It was earlier estimated that Rice farming around the world could be responsible for up to twice the level of climate impact in India. But, the researchers have found that Intermittently flooded rice farms can emit almost 45 times more nitrous oxide as compared to the relentlessly flooded rice farms that predominantly emit methane.
The analysis conducted by the Environmental Defense Fund in the US, methane and nitrous oxide emissions from rice farm could have the same long-term warming impact as about 600 coal plants.
“The full climate impact of rice farming has been significantly underestimated because up to this point, nitrous dioxide emissions from intermittently flooded farms have not been included,” Kritee Kritee from EDF, who led the study quoted as saying to news agency PTI.
But, the researchers have found that nitrous oxide emissions from rice farm can also contribute up to 99 per cent of the total climate impact of rice cultivation at a variety of intermittently flooded farms. These greenhouse emissions contributed substantially to global warming pollution — which is much more than the estimate of 10% previously suggested by multiple global rice research organizations.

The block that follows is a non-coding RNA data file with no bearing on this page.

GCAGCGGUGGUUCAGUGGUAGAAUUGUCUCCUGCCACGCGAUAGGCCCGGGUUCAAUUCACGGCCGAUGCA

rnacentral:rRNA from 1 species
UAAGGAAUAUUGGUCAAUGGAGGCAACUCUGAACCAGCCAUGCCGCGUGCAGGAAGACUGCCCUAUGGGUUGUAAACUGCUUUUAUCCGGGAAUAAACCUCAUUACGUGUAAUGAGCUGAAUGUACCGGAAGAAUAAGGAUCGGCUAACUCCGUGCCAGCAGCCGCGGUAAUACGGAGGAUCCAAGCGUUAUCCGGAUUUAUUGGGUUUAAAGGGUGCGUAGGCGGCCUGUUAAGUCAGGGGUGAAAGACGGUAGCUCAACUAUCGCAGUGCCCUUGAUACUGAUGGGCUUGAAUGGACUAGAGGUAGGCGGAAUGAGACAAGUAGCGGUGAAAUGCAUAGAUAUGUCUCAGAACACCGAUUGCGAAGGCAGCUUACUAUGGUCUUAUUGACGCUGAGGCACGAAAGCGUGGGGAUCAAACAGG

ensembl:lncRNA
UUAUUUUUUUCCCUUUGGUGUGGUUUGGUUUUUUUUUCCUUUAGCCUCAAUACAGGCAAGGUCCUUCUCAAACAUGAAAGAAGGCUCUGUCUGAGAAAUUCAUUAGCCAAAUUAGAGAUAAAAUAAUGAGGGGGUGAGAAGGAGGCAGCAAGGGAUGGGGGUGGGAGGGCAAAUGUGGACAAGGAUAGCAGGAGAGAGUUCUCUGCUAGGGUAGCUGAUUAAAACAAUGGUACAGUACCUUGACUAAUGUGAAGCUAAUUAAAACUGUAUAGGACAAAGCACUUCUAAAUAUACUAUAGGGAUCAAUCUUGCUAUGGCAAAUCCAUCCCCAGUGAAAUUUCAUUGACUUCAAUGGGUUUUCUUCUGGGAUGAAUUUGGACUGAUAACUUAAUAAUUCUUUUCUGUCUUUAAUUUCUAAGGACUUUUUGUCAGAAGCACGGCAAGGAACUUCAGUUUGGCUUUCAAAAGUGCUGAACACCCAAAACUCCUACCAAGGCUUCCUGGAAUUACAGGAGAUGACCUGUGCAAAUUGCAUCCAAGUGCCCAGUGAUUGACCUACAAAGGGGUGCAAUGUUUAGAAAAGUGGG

“An inverse correlation between Methane and nitrous oxide emission from rice farming. Water and organic matter management techniques that reduce methane emissions can increase nitrous oxide emissions,” the study says.
Kritee further said, “Increasing pressure on limited water resources under a changing climate could make additional rice-farming regions look to intermittent flooding to address water limitations and concerns about methane emissions.”
Rice is a critical source of nutrition for the world’s speedily growing population, to provide more calories to humans than any other food, researchers said. However, growing rice is also resource-intensive: rice cultivation covers 11 % of the Earth’s arable land, consumes one-third of irrigation water.